Dr. Ramanjulu Sunkar

EPSCoR Research Focus: 
Feedstock Development
Associate Professor
Biochemistry and Molecular Biology
Oklahoma State University
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Ph.D. | Plant Physiology | Sri Krishnadevaray University, India | 1996
Post-doc | Weizmann Institute of Science, Israel | 1997-2000
Post-doc | University of Bonn, Germany | 2000-2002
Post-doc | University of California, Riverside | 2003-2006
Research Interests: 

“We hope to identify key factors important for biomass accumulation and stress tolerance that are controlled by microRNA-guided posttranscriptional gene regulation. Educating the public as well as prospective scientists in this important area of research will further strengthen our already established prominence in biofuels research.”

Dr. Sunkar’s primary research area is plant molecular biology involving gene regulation. This includes identification of key microRNAs and their target genes involved in plant growth and development. By manipulating the expression of such microRNAs or genes, he and his co-researchers aim to improve biomass accumulation of switchgrass or other biofuel plant species.

Proteins are the building blocks of all living cells.  The type of cell, its function and the timing of its death are determined by which proteins are produced in the cell, and at what quantities and time they are produced. However, the proteins are the end product of a complex process, which begins with the genetic code present in DNA.

The relevant parts of the DNA are copied into a messenger RNA, which holds a code with instructions on how to build a specific protein. The microRNA regulates the number of protein molecules produced by the messenger RNA molecule.  The silencing of microRNA target genes at appropriate places and times allows the plant to grow normally. Otherwise, plant growth and development would be severely affected. Along the same lines, microRNA-controlled regulation of gene expression is necessary for adapting to drought, heat or lack of nutrients such as phosphate and sulfate.

By cataloging the microRNAs in switchgrass in great detail, Sunkar has identified 260 microRNAs belonging to 45 different families and 12 new microRNAs that are absent in different plant species.

The research of Dr. Sunkar and his team is revealing the complexity of microRNA-guided gene regulations operating in switching, and laying the foundation for future functional genomics research on switchgrass.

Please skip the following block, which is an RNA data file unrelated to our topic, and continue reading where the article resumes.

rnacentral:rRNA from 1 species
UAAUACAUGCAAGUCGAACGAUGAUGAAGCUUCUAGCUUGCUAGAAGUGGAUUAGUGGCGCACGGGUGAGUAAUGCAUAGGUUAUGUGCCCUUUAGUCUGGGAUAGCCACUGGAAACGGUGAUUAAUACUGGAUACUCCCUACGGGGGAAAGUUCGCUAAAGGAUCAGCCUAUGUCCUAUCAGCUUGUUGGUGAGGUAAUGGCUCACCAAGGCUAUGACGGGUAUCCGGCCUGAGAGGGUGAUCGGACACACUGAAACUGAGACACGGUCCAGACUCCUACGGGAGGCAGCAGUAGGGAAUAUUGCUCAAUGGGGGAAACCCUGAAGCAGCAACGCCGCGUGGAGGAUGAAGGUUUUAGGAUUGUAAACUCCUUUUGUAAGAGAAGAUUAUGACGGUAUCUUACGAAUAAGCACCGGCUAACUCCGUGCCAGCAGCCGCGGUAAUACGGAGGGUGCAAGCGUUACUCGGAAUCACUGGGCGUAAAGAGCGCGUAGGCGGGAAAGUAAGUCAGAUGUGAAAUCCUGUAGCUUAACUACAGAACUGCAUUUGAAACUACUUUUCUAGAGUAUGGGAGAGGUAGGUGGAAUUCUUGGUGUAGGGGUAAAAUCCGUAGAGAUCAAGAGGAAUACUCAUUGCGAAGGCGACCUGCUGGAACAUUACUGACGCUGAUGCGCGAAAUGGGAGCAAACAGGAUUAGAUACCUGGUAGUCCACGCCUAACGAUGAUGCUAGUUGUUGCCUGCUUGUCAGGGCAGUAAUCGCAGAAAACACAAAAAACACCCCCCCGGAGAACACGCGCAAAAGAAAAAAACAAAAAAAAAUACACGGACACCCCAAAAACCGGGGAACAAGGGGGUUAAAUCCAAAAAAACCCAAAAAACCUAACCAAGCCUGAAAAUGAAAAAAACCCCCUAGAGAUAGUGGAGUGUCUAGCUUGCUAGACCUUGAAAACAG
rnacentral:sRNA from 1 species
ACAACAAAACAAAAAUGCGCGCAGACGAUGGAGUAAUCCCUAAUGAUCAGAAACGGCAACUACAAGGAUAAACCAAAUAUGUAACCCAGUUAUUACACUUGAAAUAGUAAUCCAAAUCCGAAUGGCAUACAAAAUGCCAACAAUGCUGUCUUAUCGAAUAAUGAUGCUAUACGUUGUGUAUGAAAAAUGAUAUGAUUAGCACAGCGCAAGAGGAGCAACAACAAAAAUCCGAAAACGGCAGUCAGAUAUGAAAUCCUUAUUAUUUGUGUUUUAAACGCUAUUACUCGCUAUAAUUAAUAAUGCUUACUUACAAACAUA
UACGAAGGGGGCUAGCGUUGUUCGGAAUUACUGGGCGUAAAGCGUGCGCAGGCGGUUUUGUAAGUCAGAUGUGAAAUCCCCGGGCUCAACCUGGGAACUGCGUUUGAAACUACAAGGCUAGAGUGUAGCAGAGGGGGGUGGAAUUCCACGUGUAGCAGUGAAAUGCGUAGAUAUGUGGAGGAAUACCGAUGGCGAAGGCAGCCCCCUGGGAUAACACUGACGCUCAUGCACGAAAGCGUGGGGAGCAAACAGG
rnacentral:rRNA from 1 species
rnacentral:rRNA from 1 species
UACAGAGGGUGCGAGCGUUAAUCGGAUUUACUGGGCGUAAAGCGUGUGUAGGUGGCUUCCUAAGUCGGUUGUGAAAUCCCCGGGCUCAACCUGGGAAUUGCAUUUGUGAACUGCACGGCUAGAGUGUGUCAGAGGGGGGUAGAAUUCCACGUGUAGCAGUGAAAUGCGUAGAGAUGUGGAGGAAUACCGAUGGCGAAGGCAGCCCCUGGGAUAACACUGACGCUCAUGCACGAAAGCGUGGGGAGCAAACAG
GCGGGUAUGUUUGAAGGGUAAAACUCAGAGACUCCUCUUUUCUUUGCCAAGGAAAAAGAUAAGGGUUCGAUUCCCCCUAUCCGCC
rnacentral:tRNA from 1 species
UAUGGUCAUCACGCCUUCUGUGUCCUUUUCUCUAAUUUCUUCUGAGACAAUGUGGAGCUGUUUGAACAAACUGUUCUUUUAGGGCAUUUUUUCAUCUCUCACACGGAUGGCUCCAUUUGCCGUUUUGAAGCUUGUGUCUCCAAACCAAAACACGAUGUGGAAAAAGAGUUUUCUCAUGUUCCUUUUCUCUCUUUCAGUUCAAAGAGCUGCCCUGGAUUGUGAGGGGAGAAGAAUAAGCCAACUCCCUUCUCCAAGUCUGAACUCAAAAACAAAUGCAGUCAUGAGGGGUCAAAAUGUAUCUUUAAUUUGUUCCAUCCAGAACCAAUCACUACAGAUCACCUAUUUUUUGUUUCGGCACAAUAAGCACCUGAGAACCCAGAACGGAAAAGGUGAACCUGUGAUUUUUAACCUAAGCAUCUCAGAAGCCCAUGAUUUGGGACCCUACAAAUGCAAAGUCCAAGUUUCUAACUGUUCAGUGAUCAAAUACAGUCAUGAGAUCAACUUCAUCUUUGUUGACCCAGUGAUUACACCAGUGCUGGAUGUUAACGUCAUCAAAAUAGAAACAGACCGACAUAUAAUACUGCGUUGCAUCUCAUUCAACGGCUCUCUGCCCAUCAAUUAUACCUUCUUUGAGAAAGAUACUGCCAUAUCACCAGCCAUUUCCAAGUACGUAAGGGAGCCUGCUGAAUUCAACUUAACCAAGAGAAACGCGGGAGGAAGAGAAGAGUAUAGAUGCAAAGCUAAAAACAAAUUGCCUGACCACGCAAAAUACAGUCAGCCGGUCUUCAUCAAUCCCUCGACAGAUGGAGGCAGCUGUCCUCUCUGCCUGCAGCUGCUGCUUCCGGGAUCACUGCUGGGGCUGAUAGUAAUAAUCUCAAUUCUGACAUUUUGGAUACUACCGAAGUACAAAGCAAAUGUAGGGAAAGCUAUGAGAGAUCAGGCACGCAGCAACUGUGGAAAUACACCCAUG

The scientists will continue to investigate whether microRNAs play a role in drought or heat stress tolerance of switchgrass. And if so, which ones?  Sunkar seeks to identify key factors important for biomass accumulation and stress tolerance that are controlled by microRNA-guided posttranscriptional gene regulation.

Pictured (above):  Dr. Sunkar's research will aid in the development of more efficient and disease-tolerant switchgrass plants. (Photo Credit: OSU Agricultural Communication Services

Teaching Responsibilities: 
BIOC 6792: Plant Biochemistry
BIOC 6820: Epigenetics
Key Publications: 

Bold items indicate OK EPSCoR-supported research

  • Matts, J., G. Jagdaeeswaran,, B. A. Roe, and R. Sunkar. "Identification of MicroRNAs and Their Targets in Switchgrass, a Model Biofuel Plant Species." Journal of Plant Physiology 167 (2010): 896-904. SciVerse.
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  • Sunkar, R. "MicroRNAs with Macro-effects on Plant Stress Responses." Seminars in Cell & Developmental Biology 21.8 (2010): 805-11. SciVerse.
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  • Li, Y., Y. Zheng, C. Addo-quaye, Z. Li, A. Saini, G. Jagadeeswaran, M. Axtell, W. Zhang, and R. Sunkar. "Transcriptome-wide Identification of MicroRNA Targets in Rice." Plant Journal 62.5 (2010): 742-59. Wiley Online Library.
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  • Jagadeeswaran, G., Y. Zheng, Y-F Li, L. I. Shukla, P. Hoyt, S. L. Macmil, G. B. Wiley, B. A. Roe, W. Zhang, and R. Sunkar. "Cloning and Characterization of Small RNAs from Medicago Truncatula Reveals Four Novel Legume-specific MicroRNA Families." New Phytologist 184 (2009): 85-98. Wiley Online Library, 23 June 2009.
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  • Jagadeeswaran, G., A. Saini, and R. Sunkar. "Biotic and Abiotic Stress Down-regulate MiR398 Expression in Arabidopsis." Planta 229.4 (2009): 1009-014. SpringerLink. Web. 
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Curriculum Vitae: